How Geospatial Technology Fits into Transportation’s IT Mainstream

Highway on the prairie.

Whether it’s in the planning or program management department, location permeates every aspect of a Department of Transportation’s (DOT) business. A question that has become more and more prevalent in DOT communities in the last couple of years is, “Where does geospatial technology fit in an enterprise transportation agency?”

At times there exists a struggle within the hierarchy of a state DOT to answer this question. Traditionally, this spatial enabling technology lived in the division of planning. And there are several reasons for that. First, spatial technology has been viewed as an analytical tool to help decision makers choose between alternative projects. It’s been viewed as a process-driven tool. Second, one of the primary functions of spatial technology has been meeting the multiple mapping needs of a DOT. In early iterations, many of the spatial enablement technologies contained a storage medium that was outside of a DOT’s mainstream IT department.

So, what are some of the factors that have led to the thinking that spatial technology would become a core component of the DOT IT architecture? As spatial technology began to evolve, it started to become tightly integrated with the enterprise database management systems (DBMS). DBMS’s such as Oracle, SQL Server, DB2, and PostgreSQL support native spatial data stores. With these native spatial data stores, the entire enterprise has access to spatial-locational data for development of decision support systems. Suddenly, spatial concepts are embedded in the IT mainstream of a DOT. In fact, management of the DBMS has always been a core function of a DOT’s IT division.

In addition, DOT’s are using a multitude of industry standard web services to exploit the valuable data stored in these databases. The web services have to conform to IT division standards and fit within the scheme of the overall IT architecture. With the threat of cyber-attacks so prevalent today, IT departments have strict control over the types and uses of web services that are implemented by operational divisions within a DOT. Also, the use of existing web services lowers the cost of application development in an economy of shrinking budgets. This contributes to spatial technology moving closer to the IT mainstream. To add to this, the proliferation of web services has somewhat lessened the dependence on desktop spatial technology. The usage of the desktop software is more focused on “heavy lifting” analysis functions.  And as spatial technology becomes more IT centric, the desktop platforms that are being used have the possibility of changing. Many factors would go into a decision like that.

Another element that has influenced spatial technology assimilating into the IT fabric is the emergence of cloud computing. More DOT’s are beginning to consider building applications in the cloud. This requires a major coordination effort based on whether the DOT decides to host internally or utilize commercial cloud-based computing services. Just like with web services, security is always a major concern for the DOT IT department. As more spatial applications at DOT’s are moved to the cloud, it can be expected that IT will be very involved with how they are deployed. This would be especially true if the DOT elects to use commercial cloud providers to host its applications.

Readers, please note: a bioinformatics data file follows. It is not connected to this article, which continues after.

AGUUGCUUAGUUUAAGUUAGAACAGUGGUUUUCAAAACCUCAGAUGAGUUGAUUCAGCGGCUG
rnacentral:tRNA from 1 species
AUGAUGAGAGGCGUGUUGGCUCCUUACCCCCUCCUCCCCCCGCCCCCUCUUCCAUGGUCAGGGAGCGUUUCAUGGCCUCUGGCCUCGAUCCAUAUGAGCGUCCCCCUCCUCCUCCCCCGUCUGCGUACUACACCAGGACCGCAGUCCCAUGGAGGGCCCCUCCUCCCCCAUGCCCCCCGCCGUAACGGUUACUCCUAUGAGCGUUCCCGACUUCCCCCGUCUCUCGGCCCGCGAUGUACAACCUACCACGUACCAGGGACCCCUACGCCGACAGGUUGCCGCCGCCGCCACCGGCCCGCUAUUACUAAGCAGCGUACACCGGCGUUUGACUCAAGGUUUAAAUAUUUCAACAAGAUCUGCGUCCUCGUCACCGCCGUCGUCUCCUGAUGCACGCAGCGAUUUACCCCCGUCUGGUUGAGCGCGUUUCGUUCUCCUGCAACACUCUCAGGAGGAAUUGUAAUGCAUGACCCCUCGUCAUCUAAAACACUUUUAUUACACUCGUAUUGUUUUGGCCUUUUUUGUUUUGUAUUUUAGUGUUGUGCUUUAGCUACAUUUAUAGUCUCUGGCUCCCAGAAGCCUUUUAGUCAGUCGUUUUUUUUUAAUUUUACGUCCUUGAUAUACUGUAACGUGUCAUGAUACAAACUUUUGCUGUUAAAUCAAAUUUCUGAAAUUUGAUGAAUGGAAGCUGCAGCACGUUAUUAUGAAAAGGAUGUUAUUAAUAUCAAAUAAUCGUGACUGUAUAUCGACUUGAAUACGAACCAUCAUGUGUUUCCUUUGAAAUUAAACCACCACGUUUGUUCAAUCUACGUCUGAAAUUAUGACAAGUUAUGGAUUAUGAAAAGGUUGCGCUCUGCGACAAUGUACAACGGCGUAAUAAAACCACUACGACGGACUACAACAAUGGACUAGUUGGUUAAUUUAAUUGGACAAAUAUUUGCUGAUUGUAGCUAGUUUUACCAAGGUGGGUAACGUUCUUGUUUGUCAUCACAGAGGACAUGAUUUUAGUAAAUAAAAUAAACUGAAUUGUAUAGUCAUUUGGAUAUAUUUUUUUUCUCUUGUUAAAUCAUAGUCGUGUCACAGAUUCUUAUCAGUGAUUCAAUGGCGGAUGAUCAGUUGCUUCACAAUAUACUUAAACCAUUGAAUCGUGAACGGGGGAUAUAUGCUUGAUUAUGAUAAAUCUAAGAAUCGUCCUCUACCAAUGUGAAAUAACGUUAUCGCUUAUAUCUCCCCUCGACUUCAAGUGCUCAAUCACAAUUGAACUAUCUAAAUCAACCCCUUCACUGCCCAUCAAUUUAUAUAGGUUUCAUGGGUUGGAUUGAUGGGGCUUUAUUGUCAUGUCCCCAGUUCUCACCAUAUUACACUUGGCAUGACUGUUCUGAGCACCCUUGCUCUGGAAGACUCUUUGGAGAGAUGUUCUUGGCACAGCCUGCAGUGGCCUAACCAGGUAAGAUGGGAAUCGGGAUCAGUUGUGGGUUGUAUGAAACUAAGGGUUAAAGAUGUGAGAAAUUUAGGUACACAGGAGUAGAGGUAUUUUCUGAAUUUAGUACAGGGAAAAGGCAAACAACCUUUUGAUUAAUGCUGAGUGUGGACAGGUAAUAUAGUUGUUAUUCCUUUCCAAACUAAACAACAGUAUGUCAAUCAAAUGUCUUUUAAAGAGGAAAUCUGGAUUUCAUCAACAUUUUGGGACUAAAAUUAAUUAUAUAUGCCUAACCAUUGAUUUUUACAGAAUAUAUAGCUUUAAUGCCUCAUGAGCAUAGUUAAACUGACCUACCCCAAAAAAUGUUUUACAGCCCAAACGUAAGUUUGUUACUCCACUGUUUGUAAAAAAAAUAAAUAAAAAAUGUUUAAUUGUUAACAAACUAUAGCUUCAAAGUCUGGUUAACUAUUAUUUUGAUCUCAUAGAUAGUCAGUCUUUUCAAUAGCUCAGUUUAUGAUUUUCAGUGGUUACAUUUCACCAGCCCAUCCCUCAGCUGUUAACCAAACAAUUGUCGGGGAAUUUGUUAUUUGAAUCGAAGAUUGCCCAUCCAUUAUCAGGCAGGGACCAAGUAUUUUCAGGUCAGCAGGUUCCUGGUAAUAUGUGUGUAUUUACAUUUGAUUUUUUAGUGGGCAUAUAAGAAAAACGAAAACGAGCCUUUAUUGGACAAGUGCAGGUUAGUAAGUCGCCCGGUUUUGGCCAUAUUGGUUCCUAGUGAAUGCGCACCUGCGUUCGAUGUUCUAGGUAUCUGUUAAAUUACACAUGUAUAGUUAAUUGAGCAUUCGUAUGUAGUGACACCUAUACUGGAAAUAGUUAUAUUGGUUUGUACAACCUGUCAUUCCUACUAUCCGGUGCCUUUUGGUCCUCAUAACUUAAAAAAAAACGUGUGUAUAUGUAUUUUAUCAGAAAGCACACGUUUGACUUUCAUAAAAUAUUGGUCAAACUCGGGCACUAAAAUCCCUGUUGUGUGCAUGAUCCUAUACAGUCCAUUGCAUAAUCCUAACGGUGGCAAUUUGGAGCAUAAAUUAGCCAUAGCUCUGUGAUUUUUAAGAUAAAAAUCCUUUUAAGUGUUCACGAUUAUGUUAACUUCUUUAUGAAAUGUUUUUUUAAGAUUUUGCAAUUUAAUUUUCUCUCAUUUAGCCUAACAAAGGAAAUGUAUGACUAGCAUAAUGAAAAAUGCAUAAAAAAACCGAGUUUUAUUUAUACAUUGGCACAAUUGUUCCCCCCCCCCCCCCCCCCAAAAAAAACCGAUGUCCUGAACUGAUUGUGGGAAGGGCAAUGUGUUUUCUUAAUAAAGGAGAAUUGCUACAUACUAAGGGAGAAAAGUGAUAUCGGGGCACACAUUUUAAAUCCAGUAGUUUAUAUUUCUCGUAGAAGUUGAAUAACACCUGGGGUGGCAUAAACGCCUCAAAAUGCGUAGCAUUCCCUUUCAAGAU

Of course there will always be resistance to change. With this change will come the “wrestling of control” of everything spatial from the traditional venues of planning and cartography. This will require all of the “sum parts” of the DOT doing what is in the best interest of the “greater good”. Loss of control via change usually requires a transitionary period for acceptance by those most affected.

With all this said, the technology revolution within the DOT marches on to bigger and brighter things. As we’ve discussed IT organizations within the DOT have a lot to contemplate moving forward as spatial technology continues to evolve and becomes more central to its overall mission.


Bruce Aquila
About Bruce Aquila

Bruce Aquila is a senior transportation consultant for Hexagon Safety & Infrastructure and has been with the company for 33 years. He currently works in the Transportation Business Development group where he is responsible for technical business development, consulting, industry conference presentations and product requirement collection. Aquila works exclusively with State DOTs, Metropolitan Planning Organizations, local governments, and transit agencies in the areas of linear referencing, network and data modelling, and surface transportation analysis applications.

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